Then came the mid 1980s when anti-Muslim communal riots erupted in various cities in India and started to occur with clockwork regularity. The news of these horrendous riots and the lack of any action by the Indian government made a strong imprint on the minds of the expatriate Indian Muslims. It was natural for them to turn to organizations of Indians in US, to seek their support to lodge protests with the Indian government on such gross lack of social justice to their people back home. They were surprised and pained when these Indian organizations declined to support such protest appeals. They soon realized that this was their own problem that they themselves had to work on.

That led to the formation of separate organizations of Indian Muslim expatriates. Today four such organizations exist in US. They are: 1. Washington DC: The Association of Indian Muslims of America. 2. Chicago: Consultative Committee of Indian Muslims. 3. San Francisco: Indian Muslim Relief Committee. 4. Detroit: American Federation of Muslims from India. Through these organizations, Indian Muslims in US are trying to help their Qaum back home, by supporting programs for the improvement of education among the youth, provide financial relief in the event of natural disasters and anti-Muslim riots and do public relations work to draw attention to instances of injustice to their community in India. Alumni of the Aligarh Muslim University have established fairly successful Alumni Associations in Washington DC, New York, Chicago, San Francisco Atlanta and Detroit. Generally, every year in October, they organize annual get-togethers and Mushairas to celebrate the birth anniversary of Sir Syed Ahmad Khan, the founder of the university.

Like other Indian expatriates in US, a majority of Indian Muslims are professionals and technocrats. In general, these folks are financially well off and maintain good standard of living. Several Indian Muslims have become very successful in their chosen professions in the government, corporations and other large organizations. A few notable figures are: Dr Islam Siddiqi, Deputy Undersecretary, Ministry of Agriculture, US government; Dr Waseem Siddiqi, Chairman Department of Tropical Medicine, University of Hawaii; Aziz Haniffa, national editor, India Abroad newspaper; Dr Muzammil Siddiqui, President, Islamic Society of North America; Dr Saeed Ahmad Saeed, Secretary General, Islamic Society of North America; Dr Khurshid Mallick, Executive Director, Islamic Medical Association of North America; Dr Habeeb Ashruf, Senior Advisor, American Muslim Council. Entreprenuers who succeeded in their fields are: Zubair Kazi, owner of many restaurants belonging to the Kentucky Fried Chicken restaurant chain; Ismail Merchant, Hollywood movie director-producer; Zakir Husain, Tabla maestro; Madhur Jaffry, movie and stage actress.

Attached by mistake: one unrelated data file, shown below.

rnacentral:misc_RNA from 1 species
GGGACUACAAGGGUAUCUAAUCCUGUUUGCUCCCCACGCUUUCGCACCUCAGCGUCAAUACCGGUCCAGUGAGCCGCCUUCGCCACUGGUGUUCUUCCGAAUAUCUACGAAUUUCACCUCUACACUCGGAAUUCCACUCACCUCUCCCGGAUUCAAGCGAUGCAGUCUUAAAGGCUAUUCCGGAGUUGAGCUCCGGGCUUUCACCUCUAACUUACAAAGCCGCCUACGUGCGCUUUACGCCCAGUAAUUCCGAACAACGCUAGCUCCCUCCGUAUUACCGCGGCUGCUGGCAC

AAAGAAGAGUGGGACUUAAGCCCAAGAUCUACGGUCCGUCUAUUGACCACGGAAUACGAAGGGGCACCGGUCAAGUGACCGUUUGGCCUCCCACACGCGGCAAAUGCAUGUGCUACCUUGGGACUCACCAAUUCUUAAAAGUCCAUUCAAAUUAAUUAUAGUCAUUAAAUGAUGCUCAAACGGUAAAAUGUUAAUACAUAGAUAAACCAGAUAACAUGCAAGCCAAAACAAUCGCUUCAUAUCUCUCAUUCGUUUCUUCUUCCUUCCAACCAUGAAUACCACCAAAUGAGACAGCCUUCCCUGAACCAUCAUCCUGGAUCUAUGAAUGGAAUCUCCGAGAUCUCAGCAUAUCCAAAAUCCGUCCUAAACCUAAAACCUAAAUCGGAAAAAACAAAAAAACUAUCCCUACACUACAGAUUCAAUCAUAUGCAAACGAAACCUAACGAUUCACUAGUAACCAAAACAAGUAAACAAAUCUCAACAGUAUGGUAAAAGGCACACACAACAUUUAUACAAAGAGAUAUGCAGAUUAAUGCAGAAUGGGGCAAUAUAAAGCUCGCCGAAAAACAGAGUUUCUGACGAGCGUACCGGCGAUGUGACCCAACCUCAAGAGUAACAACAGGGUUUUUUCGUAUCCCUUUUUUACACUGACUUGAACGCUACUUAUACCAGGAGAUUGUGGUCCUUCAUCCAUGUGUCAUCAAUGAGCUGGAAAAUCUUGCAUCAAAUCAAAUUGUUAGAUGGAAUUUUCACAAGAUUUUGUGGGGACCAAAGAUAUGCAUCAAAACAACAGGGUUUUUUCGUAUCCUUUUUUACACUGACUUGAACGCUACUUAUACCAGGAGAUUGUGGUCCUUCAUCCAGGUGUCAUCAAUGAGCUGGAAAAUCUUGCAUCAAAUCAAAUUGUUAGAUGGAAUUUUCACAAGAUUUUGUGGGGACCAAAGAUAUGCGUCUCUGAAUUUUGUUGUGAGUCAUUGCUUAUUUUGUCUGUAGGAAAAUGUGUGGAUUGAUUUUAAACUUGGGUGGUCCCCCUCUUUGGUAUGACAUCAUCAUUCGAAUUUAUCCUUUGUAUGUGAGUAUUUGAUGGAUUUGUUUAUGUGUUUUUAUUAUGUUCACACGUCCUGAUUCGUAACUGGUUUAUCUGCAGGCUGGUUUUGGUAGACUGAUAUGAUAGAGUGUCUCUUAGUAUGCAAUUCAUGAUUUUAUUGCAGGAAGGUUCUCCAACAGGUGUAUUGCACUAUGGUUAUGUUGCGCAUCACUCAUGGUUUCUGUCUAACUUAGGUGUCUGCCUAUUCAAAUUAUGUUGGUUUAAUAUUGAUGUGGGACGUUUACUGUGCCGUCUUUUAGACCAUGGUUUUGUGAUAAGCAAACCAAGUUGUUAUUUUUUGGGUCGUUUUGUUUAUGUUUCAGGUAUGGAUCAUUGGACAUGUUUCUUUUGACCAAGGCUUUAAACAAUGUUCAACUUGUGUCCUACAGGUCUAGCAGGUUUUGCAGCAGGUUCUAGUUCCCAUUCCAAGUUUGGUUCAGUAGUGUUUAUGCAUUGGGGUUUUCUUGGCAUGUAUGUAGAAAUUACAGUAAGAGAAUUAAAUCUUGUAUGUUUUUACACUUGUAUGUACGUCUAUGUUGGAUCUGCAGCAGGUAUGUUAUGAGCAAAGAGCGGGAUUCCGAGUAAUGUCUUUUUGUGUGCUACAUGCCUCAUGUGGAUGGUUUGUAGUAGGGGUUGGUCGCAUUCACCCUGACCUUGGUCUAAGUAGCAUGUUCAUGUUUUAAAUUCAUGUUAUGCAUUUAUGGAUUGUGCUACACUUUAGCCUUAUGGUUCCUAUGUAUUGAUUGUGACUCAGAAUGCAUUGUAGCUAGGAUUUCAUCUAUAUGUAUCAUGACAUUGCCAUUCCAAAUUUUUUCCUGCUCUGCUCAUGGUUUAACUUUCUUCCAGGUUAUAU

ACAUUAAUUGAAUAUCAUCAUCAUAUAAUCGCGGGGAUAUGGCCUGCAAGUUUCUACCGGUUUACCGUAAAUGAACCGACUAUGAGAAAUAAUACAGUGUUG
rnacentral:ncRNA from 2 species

Now in the twenty-first century, the second generation of Indian-American Muslims, the offspring of immigrant Muslims from India, are continuing to do well in higher education and in starting promising careers in various professional fields. The challenge for them is, to remain proud of their distinct Indo-Islamic heritage & identity and remain good Muslims, as they excel in their chosen professions, something their parents are very keen on. Indeed, in a short span of less than 35 years, immigrant Muslims from India have firmly planted themselves in formerly alien America, have succeeded in their diverse professions, have helped build a thriving American Muslim community, and have put their children firmly on the path of success.

The writer is director of the Association of Indian
Muslims of America, Washington DC.
Pictures: top: A gathering of Indian Muslims to celebrate Eidul Fitr, Baltimore, Dec.2000 (courtesy: Kaleem Kawaja); bottom: Indian Muslim girls at ISNA conference, Sept 2001 (courtesy: Usama Khalidi)